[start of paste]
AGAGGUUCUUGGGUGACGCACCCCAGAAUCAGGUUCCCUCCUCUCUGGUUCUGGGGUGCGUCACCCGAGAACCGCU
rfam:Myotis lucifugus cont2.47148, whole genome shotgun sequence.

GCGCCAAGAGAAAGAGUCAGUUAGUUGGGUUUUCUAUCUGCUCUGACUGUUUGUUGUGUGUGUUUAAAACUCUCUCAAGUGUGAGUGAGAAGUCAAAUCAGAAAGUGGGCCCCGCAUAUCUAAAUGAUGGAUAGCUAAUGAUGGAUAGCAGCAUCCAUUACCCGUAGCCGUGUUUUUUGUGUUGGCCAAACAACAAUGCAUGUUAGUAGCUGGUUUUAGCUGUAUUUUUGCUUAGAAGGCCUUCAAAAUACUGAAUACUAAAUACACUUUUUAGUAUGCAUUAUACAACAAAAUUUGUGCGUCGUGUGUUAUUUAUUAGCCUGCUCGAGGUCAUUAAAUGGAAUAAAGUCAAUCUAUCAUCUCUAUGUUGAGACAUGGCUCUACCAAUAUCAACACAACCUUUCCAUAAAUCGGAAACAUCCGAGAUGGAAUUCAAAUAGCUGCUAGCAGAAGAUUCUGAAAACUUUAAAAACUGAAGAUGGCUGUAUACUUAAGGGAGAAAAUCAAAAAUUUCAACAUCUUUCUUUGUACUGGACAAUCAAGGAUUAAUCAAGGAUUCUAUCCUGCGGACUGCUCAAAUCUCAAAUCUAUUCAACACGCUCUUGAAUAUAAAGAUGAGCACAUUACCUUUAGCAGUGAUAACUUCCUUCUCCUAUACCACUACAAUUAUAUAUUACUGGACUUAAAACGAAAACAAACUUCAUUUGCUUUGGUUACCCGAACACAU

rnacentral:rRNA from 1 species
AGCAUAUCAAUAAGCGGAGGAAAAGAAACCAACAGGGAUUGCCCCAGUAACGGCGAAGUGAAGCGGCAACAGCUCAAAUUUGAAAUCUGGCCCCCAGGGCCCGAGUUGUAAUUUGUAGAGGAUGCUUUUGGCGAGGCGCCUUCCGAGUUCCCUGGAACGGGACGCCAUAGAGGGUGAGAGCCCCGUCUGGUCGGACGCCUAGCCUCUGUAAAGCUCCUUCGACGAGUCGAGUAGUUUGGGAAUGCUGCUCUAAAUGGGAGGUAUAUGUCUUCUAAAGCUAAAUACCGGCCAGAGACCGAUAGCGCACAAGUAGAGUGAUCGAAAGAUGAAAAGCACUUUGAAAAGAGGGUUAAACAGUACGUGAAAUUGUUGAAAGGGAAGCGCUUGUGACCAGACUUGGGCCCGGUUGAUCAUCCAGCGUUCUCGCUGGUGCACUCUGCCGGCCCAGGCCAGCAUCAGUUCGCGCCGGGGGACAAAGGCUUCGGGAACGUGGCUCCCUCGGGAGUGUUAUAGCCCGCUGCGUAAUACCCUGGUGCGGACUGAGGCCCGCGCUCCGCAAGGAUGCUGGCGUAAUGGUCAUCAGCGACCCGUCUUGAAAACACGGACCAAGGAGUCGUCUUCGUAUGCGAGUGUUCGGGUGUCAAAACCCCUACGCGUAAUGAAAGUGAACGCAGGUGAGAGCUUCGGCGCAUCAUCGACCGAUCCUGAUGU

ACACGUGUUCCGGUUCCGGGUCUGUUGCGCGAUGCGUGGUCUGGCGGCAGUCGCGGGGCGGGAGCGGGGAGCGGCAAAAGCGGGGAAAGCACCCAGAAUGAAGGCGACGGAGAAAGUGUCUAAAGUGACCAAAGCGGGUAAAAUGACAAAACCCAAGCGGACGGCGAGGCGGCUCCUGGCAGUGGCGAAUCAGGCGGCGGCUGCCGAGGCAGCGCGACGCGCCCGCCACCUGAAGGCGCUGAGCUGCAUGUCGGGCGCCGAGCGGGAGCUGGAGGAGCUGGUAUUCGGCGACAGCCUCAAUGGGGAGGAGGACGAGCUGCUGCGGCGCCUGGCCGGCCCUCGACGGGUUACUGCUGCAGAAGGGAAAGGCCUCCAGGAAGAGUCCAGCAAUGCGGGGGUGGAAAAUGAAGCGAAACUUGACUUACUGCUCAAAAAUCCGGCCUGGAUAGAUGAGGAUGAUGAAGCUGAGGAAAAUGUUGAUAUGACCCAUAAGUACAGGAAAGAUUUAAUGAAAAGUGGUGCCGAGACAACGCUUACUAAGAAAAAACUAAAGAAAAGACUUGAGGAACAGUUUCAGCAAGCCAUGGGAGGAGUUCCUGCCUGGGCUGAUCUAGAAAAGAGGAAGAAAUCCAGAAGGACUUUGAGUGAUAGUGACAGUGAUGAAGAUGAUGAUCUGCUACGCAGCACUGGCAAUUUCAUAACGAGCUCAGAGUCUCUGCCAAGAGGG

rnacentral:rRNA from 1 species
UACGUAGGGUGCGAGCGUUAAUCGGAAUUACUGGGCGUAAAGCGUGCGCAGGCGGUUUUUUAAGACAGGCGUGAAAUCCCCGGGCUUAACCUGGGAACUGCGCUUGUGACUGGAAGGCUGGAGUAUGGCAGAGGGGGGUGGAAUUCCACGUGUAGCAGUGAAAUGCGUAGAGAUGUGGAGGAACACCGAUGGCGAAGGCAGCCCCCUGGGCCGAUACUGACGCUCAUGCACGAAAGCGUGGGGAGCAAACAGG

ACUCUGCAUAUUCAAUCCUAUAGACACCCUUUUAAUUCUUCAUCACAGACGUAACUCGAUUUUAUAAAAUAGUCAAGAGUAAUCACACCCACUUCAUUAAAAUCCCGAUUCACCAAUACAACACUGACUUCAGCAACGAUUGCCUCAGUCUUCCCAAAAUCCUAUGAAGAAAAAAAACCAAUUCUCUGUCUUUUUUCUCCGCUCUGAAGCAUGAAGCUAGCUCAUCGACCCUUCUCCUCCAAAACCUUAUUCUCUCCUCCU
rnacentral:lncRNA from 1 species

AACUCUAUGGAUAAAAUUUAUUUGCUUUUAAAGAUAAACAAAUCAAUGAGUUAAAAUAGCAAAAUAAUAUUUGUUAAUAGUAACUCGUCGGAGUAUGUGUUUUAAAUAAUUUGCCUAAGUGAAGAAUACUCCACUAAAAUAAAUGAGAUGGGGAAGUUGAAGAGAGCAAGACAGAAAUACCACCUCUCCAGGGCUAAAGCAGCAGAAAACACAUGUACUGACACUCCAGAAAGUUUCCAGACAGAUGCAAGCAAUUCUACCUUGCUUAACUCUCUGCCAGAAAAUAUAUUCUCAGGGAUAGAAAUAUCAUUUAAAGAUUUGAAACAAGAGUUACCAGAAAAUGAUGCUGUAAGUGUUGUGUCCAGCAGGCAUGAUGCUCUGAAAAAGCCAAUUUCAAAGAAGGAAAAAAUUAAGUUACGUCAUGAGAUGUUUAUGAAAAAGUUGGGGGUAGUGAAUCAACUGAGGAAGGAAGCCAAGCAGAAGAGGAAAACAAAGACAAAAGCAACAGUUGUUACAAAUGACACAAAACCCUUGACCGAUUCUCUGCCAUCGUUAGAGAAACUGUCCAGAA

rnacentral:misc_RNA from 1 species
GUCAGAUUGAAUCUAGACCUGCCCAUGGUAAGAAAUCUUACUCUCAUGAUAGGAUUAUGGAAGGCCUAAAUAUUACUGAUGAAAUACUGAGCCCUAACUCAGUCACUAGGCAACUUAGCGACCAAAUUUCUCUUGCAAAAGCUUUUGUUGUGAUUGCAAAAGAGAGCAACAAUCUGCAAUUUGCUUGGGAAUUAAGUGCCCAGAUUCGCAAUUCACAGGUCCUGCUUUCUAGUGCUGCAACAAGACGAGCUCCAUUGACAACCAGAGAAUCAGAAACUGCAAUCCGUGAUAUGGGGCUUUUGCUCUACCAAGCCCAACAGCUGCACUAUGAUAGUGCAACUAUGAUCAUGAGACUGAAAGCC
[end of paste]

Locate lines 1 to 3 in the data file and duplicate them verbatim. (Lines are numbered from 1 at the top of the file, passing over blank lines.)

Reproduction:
AGAGGUUCUUGGGUGACGCACCCCAGAAUCAGGUUCCCUCCUCUCUGGUUCUGGGGUGCGUCACCCGAGAACCGCU
rfam:Myotis lucifugus cont2.47148, whole genome shotgun sequence.

GCGCCAAGAGAAAGAGUCAGUUAGUUGGGUUUUCUAUCUGCUCUGACUGUUUGUUGUGUGUGUUUAAAACUCUCUCAAGUGUGAGUGAGAAGUCAAAUCAGAAAGUGGGCCCCGCAUAUCUAAAUGAUGGAUAGCUAAUGAUGGAUAGCAGCAUCCAUUACCCGUAGCCGUGUUUUUUGUGUUGGCCAAACAACAAUGCAUGUUAGUAGCUGGUUUUAGCUGUAUUUUUGCUUAGAAGGCCUUCAAAAUACUGAAUACUAAAUACACUUUUUAGUAUGCAUUAUACAACAAAAUUUGUGCGUCGUGUGUUAUUUAUUAGCCUGCUCGAGGUCAUUAAAUGGAAUAAAGUCAAUCUAUCAUCUCUAUGUUGAGACAUGGCUCUACCAAUAUCAACACAACCUUUCCAUAAAUCGGAAACAUCCGAGAUGGAAUUCAAAUAGCUGCUAGCAGAAGAUUCUGAAAACUUUAAAAACUGAAGAUGGCUGUAUACUUAAGGGAGAAAAUCAAAAAUUUCAACAUCUUUCUUUGUACUGGACAAUCAAGGAUUAAUCAAGGAUUCUAUCCUGCGGACUGCUCAAAUCUCAAAUCUAUUCAACACGCUCUUGAAUAUAAAGAUGAGCACAUUACCUUUAGCAGUGAUAACUUCCUUCUCCUAUACCACUACAAUUAUAUAUUACUGGACUUAAAACGAAAACAAACUUCAUUUGCUUUGGUUACCCGAACACAU